Simultaneous Network Calls with PromiseKit

Recently I’ve been working on a project where the networking layer is built around the promise based architecture using PromiseKit. There’s been a learning curve involved, but overall it has simplified and condensed our logic flows enormously. Today I ran into one one of those learning curves in the form of figuring out how best to handle multiple, simultaneous network calls while leveraging promises. This post is a trip through the process I took to solve that.

Disclaimer: I am by no means an expert in PromiseKit. If you find errors or know of a better solution please leave a comment below.

The requirement:

Execute multiple promise based network calls and combine the returned data into a single object used for processing when all are complete.

My hope was to have something similar to the functionality within RxSwift without having to lean into that library.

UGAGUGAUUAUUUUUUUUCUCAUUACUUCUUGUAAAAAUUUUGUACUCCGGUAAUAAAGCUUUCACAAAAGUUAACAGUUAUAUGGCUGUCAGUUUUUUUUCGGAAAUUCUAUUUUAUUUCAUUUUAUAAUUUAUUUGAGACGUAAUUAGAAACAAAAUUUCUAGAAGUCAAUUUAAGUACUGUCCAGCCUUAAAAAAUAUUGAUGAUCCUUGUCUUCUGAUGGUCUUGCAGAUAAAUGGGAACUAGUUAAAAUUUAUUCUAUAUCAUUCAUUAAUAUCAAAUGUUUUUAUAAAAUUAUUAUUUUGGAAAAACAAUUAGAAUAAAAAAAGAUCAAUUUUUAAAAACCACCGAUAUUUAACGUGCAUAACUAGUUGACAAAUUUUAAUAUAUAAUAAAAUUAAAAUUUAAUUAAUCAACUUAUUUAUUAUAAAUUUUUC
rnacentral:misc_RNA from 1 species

Attempted solutions:

What I started with was three independent functions which individually used the firstly { } execution pattern and handled their responses separately. This was by no means elegant.

Because the data that the three pieces were retrieving was tightly coupled I wanted to find a simpler way to trigger them all at once. At first I started looking into the .then function and testing to see if it would work. .then is geared towards taking in some form of data, doing work if necessary, and then passing that data along though. So something like this wouldn’t work:

I needed something better.

Final working solution:

The ticket was actually a function I hadn’t known about before called when. This allows for multiple promise executions to be “queued” up in a way and all fired off simultaneously. Then you can be informed when they have all finished and use a capture list to access each calls data individually.

After discovering the when(fulfilled: ) functionality I was able to come up with this final solution which ended up doing exactly what we needed.

Hope this helps you out with any future network calls!

Credit for a lot of help in figuring this out goes to Jan Olbrich